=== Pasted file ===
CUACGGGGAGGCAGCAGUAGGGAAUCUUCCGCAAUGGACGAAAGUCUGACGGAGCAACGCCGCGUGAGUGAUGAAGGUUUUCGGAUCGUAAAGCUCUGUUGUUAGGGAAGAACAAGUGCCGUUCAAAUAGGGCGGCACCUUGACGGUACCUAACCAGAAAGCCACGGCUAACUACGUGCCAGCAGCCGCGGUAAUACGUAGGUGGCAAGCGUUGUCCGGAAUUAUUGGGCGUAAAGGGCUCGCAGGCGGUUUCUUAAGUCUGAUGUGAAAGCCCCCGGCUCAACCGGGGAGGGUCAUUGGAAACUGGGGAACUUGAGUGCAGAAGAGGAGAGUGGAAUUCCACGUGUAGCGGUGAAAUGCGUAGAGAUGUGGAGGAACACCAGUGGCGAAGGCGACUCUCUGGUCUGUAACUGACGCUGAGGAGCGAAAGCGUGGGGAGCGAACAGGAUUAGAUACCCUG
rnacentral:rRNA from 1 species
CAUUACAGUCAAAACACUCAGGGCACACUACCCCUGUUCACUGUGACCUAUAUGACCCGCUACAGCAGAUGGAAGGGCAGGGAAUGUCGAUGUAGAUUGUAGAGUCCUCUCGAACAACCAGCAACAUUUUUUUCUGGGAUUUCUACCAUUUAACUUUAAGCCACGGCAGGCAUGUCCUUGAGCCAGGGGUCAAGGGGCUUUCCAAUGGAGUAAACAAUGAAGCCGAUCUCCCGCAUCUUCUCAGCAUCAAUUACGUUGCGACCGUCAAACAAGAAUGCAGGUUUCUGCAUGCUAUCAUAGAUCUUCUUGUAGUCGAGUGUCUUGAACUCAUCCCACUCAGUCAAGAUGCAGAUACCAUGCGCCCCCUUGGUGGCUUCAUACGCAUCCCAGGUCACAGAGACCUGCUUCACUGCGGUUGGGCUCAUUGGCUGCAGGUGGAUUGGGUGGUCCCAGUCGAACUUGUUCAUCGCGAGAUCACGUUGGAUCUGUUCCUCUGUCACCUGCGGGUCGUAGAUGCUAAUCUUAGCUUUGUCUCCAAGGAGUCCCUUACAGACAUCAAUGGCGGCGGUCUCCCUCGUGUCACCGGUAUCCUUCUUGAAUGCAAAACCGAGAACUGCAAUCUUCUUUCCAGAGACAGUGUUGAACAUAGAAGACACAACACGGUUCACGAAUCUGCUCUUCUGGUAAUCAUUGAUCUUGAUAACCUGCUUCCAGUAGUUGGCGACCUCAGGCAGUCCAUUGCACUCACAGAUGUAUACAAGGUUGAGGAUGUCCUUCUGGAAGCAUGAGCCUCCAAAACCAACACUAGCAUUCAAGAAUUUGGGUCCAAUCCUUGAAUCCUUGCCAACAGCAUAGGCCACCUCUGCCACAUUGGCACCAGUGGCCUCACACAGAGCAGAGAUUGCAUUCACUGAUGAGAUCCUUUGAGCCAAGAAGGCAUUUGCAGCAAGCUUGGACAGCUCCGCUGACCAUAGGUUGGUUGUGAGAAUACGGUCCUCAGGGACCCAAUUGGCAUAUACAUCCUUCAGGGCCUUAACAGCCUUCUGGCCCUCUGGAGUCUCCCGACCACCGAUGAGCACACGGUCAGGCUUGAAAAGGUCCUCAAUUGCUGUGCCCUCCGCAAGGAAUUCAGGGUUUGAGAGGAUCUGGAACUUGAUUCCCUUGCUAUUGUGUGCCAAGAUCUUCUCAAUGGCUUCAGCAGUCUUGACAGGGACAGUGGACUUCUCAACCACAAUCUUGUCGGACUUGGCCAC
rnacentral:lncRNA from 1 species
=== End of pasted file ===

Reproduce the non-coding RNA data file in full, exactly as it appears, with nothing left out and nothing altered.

CUACGGGGAGGCAGCAGUAGGGAAUCUUCCGCAAUGGACGAAAGUCUGACGGAGCAACGCCGCGUGAGUGAUGAAGGUUUUCGGAUCGUAAAGCUCUGUUGUUAGGGAAGAACAAGUGCCGUUCAAAUAGGGCGGCACCUUGACGGUACCUAACCAGAAAGCCACGGCUAACUACGUGCCAGCAGCCGCGGUAAUACGUAGGUGGCAAGCGUUGUCCGGAAUUAUUGGGCGUAAAGGGCUCGCAGGCGGUUUCUUAAGUCUGAUGUGAAAGCCCCCGGCUCAACCGGGGAGGGUCAUUGGAAACUGGGGAACUUGAGUGCAGAAGAGGAGAGUGGAAUUCCACGUGUAGCGGUGAAAUGCGUAGAGAUGUGGAGGAACACCAGUGGCGAAGGCGACUCUCUGGUCUGUAACUGACGCUGAGGAGCGAAAGCGUGGGGAGCGAACAGGAUUAGAUACCCUG
rnacentral:rRNA from 1 species
CAUUACAGUCAAAACACUCAGGGCACACUACCCCUGUUCACUGUGACCUAUAUGACCCGCUACAGCAGAUGGAAGGGCAGGGAAUGUCGAUGUAGAUUGUAGAGUCCUCUCGAACAACCAGCAACAUUUUUUUCUGGGAUUUCUACCAUUUAACUUUAAGCCACGGCAGGCAUGUCCUUGAGCCAGGGGUCAAGGGGCUUUCCAAUGGAGUAAACAAUGAAGCCGAUCUCCCGCAUCUUCUCAGCAUCAAUUACGUUGCGACCGUCAAACAAGAAUGCAGGUUUCUGCAUGCUAUCAUAGAUCUUCUUGUAGUCGAGUGUCUUGAACUCAUCCCACUCAGUCAAGAUGCAGAUACCAUGCGCCCCCUUGGUGGCUUCAUACGCAUCCCAGGUCACAGAGACCUGCUUCACUGCGGUUGGGCUCAUUGGCUGCAGGUGGAUUGGGUGGUCCCAGUCGAACUUGUUCAUCGCGAGAUCACGUUGGAUCUGUUCCUCUGUCACCUGCGGGUCGUAGAUGCUAAUCUUAGCUUUGUCUCCAAGGAGUCCCUUACAGACAUCAAUGGCGGCGGUCUCCCUCGUGUCACCGGUAUCCUUCUUGAAUGCAAAACCGAGAACUGCAAUCUUCUUUCCAGAGACAGUGUUGAACAUAGAAGACACAACACGGUUCACGAAUCUGCUCUUCUGGUAAUCAUUGAUCUUGAUAACCUGCUUCCAGUAGUUGGCGACCUCAGGCAGUCCAUUGCACUCACAGAUGUAUACAAGGUUGAGGAUGUCCUUCUGGAAGCAUGAGCCUCCAAAACCAACACUAGCAUUCAAGAAUUUGGGUCCAAUCCUUGAAUCCUUGCCAACAGCAUAGGCCACCUCUGCCACAUUGGCACCAGUGGCCUCACACAGAGCAGAGAUUGCAUUCACUGAUGAGAUCCUUUGAGCCAAGAAGGCAUUUGCAGCAAGCUUGGACAGCUCCGCUGACCAUAGGUUGGUUGUGAGAAUACGGUCCUCAGGGACCCAAUUGGCAUAUACAUCCUUCAGGGCCUUAACAGCCUUCUGGCCCUCUGGAGUCUCCCGACCACCGAUGAGCACACGGUCAGGCUUGAAAAGGUCCUCAAUUGCUGUGCCCUCCGCAAGGAAUUCAGGGUUUGAGAGGAUCUGGAACUUGAUUCCCUUGCUAUUGUGUGCCAAGAUCUUCUCAAUGGCUUCAGCAGUCUUGACAGGGACAGUGGACUUCUCAACCACAAUCUUGUCGGACUUGGCCAC
rnacentral:lncRNA from 1 species